Participants included bloggers who blog about health-related topics and/or those who reach communities infected, affected, or at highest risk for HIV. Several of our Federal colleagues also attended the Webinar. Timothy Harrison from HHS’ Office of HIV/AIDS Policy was the moderator, and Dr. Bernie Branson from the CDC, Dr. Celia Maxwell Exit Disclaimer from Howard University Hospital, and Mr. Andre Blackman Exit Disclaimer from the Pulse & Signal Blog Exit Disclaimer presented and answered questions from bloggers.

Photo of Timothy Harrison

Timothy Harrison from HHS’ Office of HIV/AIDS Policy

Photo of Dr. Bernie Branson

Dr. Bernie Branson from the CDC

Photo of Dr. Celia Maxwell

Dr. Celia Maxwell from Howard University Hospital

Photo of Mr. Andre Blackman

Mr. Andre Blackman from the Pulse & Signal Blog

How can bloggers help promote National HIV Testing Day?

  1. Take an HIV test Exit Disclaimer and then blog about it.
  2. Promote web badges Exit Disclaimer on your blog that link people to the KNOWIT HIV testing text messaging campaign.
  3. Promote the HIV testing PPSAs we blogged about last week and mentioned during the Webinar.
  4. Link to the Webinar transcript.
  5. Host or attend a local event Exit Disclaimer for National HIV Testing Day and blog about it.

What HIV testing messages were heard on the Webinar?

  1. Some of the biggest barriers to getting tested for HIV include: stigma, fear of the results, perception of not being at-risk, and assuming their healthcare provider has already tested them.
  2. Getting an HIV test can be quick and painless! As Dr. Maxwell told us, “results can be given to the person in as little as 20 minutes. It involves a swab of the inner lining of the mouth.”
  3. The HIV epidemic is disproportionately impacting African Americans and men who have sex with men (MSM). Dr. Branson shared that “49 percent of all reported cases of AIDS in the United States occur among African Americans who represent only 12 percent of the population.”
  4. Don't be afraid to ask your healthcare provider for a test. Dr. Maxwell said, “I often say to patients this is really no different than getting your Pap smear if you’re a woman...or knowing your cholesterol. This is part of being well!”
  5. If you test positive for HIV, treatment and care are available which may help improve your health and protect your partners. To learn more about living with HIV please visit the “treatment and care” section on

What did bloggers ask about?

During the Webinar, we answered live questions from bloggers--check out the transcript. Unfortunately, we didn’t get all the questions during the Webinar, so we’ve responded to additional questions here.

What’s up next?

In closing, the team wants to thank all the participants, speakers, and organizers that made this Webinar possible! We also encourage you to help spread the word about National HIV Testing Day on June 27.

Next week we’ll be returning to our series on virtual worlds...stay tuned!!

June 17, 2008


20 students. 6 universities. 8 short videos. 1 cause. National HIV Testing Day Personal Public Service Announcements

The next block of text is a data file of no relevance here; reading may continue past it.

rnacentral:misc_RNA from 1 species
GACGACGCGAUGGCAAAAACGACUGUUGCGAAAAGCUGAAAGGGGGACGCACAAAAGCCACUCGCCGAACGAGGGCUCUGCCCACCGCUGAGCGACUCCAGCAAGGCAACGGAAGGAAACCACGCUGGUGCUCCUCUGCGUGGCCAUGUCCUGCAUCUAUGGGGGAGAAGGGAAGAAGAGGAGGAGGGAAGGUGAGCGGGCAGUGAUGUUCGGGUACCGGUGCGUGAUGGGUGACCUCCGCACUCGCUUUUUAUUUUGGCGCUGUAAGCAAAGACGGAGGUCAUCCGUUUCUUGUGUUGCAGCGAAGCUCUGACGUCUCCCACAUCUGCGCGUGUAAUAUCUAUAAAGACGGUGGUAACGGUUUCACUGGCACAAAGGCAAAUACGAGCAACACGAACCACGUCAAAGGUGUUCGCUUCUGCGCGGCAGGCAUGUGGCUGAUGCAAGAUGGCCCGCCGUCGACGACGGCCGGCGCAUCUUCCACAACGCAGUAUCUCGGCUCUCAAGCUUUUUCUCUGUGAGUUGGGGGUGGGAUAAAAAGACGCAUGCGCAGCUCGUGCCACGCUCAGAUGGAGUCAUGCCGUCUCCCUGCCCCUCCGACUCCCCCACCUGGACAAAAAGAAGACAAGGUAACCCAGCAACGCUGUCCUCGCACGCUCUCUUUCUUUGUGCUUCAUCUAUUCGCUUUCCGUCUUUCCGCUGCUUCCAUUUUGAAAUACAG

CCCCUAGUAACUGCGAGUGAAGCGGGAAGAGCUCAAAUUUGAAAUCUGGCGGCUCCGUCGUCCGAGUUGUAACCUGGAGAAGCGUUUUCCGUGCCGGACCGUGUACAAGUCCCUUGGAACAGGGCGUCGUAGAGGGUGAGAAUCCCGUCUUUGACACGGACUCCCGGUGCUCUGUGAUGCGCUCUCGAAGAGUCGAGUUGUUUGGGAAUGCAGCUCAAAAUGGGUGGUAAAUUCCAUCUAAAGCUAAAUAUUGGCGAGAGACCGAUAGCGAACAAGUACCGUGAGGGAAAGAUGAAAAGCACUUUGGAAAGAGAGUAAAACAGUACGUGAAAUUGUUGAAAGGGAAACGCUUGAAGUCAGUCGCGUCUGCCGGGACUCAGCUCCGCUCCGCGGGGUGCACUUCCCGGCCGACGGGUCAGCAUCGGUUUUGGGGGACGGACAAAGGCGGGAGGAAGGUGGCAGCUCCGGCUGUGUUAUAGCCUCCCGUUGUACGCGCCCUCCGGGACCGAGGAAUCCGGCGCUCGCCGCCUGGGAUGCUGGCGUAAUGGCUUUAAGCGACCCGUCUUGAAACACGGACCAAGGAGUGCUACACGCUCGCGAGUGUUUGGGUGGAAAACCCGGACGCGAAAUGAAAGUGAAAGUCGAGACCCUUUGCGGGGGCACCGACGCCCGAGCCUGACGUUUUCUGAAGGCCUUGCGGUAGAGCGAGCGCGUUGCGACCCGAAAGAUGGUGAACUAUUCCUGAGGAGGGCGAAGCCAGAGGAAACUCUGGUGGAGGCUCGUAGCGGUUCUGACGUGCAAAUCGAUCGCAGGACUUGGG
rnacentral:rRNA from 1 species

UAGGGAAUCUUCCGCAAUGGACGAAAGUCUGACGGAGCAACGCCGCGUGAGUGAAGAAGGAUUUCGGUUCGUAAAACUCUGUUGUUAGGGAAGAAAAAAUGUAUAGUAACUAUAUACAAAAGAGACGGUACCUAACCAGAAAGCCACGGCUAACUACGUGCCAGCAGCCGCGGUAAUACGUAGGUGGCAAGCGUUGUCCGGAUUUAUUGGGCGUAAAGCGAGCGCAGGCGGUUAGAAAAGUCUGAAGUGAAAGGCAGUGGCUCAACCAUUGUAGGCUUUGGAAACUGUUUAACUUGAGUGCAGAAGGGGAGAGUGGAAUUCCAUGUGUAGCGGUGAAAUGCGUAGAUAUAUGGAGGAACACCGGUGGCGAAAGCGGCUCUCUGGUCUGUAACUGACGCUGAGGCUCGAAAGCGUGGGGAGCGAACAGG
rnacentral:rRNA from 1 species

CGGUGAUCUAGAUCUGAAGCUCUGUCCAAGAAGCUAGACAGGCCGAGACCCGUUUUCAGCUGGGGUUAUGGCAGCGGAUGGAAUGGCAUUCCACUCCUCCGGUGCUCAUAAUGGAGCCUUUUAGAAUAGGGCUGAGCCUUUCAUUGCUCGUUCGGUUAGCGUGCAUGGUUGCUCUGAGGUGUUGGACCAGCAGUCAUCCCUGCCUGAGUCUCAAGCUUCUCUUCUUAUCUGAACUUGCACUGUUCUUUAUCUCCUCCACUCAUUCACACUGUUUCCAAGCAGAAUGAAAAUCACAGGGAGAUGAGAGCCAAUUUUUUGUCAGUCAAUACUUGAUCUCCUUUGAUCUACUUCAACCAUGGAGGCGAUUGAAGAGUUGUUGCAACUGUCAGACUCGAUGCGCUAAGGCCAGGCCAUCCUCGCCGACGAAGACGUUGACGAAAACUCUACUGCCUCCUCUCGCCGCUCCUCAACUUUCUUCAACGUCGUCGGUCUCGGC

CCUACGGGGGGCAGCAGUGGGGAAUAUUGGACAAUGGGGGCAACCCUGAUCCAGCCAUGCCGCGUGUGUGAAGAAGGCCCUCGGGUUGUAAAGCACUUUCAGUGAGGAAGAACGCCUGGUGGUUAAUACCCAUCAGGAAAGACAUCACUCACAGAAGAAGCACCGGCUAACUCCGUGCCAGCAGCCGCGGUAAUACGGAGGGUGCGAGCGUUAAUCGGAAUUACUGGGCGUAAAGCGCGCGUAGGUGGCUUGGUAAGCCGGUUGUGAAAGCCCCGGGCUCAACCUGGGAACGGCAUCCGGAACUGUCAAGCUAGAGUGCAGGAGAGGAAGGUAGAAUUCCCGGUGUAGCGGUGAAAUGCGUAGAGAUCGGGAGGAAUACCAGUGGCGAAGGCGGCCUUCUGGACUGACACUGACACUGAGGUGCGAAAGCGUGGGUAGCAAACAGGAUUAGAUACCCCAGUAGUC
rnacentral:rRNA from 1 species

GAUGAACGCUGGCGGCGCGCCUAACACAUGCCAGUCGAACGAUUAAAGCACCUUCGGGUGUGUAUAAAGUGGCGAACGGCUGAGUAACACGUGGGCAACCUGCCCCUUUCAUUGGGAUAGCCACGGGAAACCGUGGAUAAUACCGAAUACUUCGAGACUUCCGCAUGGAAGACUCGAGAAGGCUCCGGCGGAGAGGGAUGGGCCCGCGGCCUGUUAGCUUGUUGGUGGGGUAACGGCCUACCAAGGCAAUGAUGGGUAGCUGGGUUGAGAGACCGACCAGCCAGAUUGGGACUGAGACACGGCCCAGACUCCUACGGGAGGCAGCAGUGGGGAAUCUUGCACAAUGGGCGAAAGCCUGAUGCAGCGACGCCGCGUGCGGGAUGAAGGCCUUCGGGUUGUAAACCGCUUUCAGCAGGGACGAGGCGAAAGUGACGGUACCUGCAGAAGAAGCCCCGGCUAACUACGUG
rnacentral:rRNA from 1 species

Photo of Dr. Kevin Fenton with a PPSA participant

Dr. Kevin Fenton, Director of the National Center for HIV/AIDS, Viral Hepatitis, STD, and TB Prevention , with a PPSA participant

To help get the word out about National HIV Testing Day (June 27), the CDC and the University of Georgia’s New Media Institute Exit Disclaimer collaborated on an innovative new media project. More than 20 students from six universities and five AIDS organizations hit the streets with video cameras this April to produce eight short video messages Exit Disclaimer encouraging young people to be tested for HIV.

To learn more about this project, we spoke with Dr. Scott Shamp Exit Disclaimer, a professor at the University of Georgia and the director of the New Media Institute Exit Disclaimer, and with our CDC colleague Jackie Rosenthal.

What are Personal PSAs?

Public service announcements Exit Disclaimer have become a mainstay in public health efforts. What differentiates personal PSAs from traditional ones, is that in addition to being user-generated, they are shared via cell phones and social network sites Exit Disclaimer, like YouTube, MySpace, and Facebook.

Why Personal PSAs?

Rosenthal stated, “We know that there are millions of young people who consume media differently today. They are more in tune with colleagues and the world via personal communication devices such as cell phones. We started to research the role of cell phones and other mobile media devices, and how these assets can play a part in enhancing people’s lives.”

Photo of Dr. Scott Shamp

Dr. Scott Shamp, University of Georgia's New Media Institute

Dr. Shamp continued, “There is a new generation of creative individuals who can create a lot of cool things that resonate with various target audiences with very little technology.” And a cell phone allows people to send these messages friend-to-friend, colleague-to-colleague.

Creating the PPSAs

Each PPSA took a different approach to communicate the same message - HIV testing is quick, simple, painless, and VERY important.

We asked Dr. Shamp to tell us about how the PPSAs were developed. He told us that, after spending one day learning about HIV/AIDS, testing and surveillance, the students were then put into small groups and tasked with coming up with ideas for their short videos. On the second day, an expert panel approved their concepts and the groups hit the pavement with inexpensive video cameras to turn their concepts into actual video footage. On the evening of the second day, they showed the final products to all the students and project partners. “It was really exciting,” said Dr. Shamp.

The PPSA team credits two major components for bringing this project together and executing it successfully: creativity and cooperation. This endeavor required a group of partners like CDC and Verizon Wireless. Dr. Shamp stated, “It also relied heavily on crazily brave individuals to take on the production, and students and faculty, whom we call intrepid innovators, to help us carry this out from inception to completion.”

Tune in!

In anticipation of National HIV Testing Day, the PPSAs will be available on CDC’s YouTube channel Exit Disclaimer and MySpace Page Exit Disclaimer. We also encourage you to embed the video(s) Exit Disclaimer on your Web site or blog in support and observance of National HIV Testing Day.

For more information, visit the Univerisity of Georgia’s New Media Institute website Exit Disclaimer.